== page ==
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EU court rules against Turkey on press freedom case

A Turkish magazine fined for publishing comments from banned Kurdish separatist group the PKK won a victory when the European Court of Human Rights ruled that its right to freedom of expression had been breached.

STRASBOURG, France: A Turkish magazine fined for publishing comments from banned Kurdish separatist group the PKK won a victory on Tuesday when the European Court of Human Rights ruled that its right to freedom of expression had been breached.

The pro-Kurdish Dema Nu was hit by a number of judicial proceedings after publishing articles quoting the Kurdistan Workers Party (PKK).

The party, which is blacklisted as a terrorist organisation by Turkey and much of the international community, launched an insurgency seeking self-rule in the southeast in 1984.

In 2002, the magazine was fined and closed for a week after publishing quotes criticising the government for rising unemployment in the Kurdish region and a ban on the Kurdish language.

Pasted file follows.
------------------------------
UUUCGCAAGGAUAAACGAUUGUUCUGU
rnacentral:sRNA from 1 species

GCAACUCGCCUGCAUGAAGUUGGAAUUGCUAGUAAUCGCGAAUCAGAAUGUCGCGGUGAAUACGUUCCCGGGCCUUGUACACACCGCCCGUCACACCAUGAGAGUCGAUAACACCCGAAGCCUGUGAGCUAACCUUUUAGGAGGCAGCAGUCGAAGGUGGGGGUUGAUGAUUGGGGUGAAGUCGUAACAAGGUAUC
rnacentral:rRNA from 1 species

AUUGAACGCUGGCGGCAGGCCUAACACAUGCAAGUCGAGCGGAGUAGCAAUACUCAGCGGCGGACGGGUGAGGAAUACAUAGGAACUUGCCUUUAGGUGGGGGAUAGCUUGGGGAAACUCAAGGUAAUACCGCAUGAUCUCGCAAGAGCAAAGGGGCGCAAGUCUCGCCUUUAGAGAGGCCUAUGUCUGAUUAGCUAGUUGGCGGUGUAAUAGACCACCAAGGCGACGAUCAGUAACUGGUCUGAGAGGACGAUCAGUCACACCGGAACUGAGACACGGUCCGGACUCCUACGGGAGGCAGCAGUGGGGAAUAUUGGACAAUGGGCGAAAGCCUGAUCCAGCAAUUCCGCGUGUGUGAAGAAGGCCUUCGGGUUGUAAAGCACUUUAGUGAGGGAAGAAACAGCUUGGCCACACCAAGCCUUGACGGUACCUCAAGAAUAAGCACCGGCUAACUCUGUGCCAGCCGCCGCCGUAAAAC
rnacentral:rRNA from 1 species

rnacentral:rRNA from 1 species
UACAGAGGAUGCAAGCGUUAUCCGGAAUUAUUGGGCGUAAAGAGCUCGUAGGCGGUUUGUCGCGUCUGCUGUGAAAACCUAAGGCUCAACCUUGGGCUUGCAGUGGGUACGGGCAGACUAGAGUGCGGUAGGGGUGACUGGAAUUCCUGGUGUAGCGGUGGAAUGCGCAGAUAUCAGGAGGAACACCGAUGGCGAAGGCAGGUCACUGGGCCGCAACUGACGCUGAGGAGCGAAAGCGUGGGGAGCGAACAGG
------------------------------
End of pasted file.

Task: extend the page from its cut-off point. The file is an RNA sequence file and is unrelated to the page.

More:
On another occasion it was fined for publishing an account of fighting between the Turkish army and the PKK that allegedly echoed a statement by the separatists.

The European court said the penalties amounted to a violation of the right to freedom of expression.

It said the two articles in question did not contain any "call for violence, armed resistance, or uprising", and did not constitute "hate speech."

The court said the judges in Turkey that ruled against the magazine had done so "without any examination of the text" in question.

Judges ordered the Turkish authorities to pay a total of 6,000 euros (US$8,000) in compensation, although Turkey has three months to appeal.

Dema Nu, which has now ceased to publish, was based in Turkey's majority-Kurdish southeastern province of Diyarbakir

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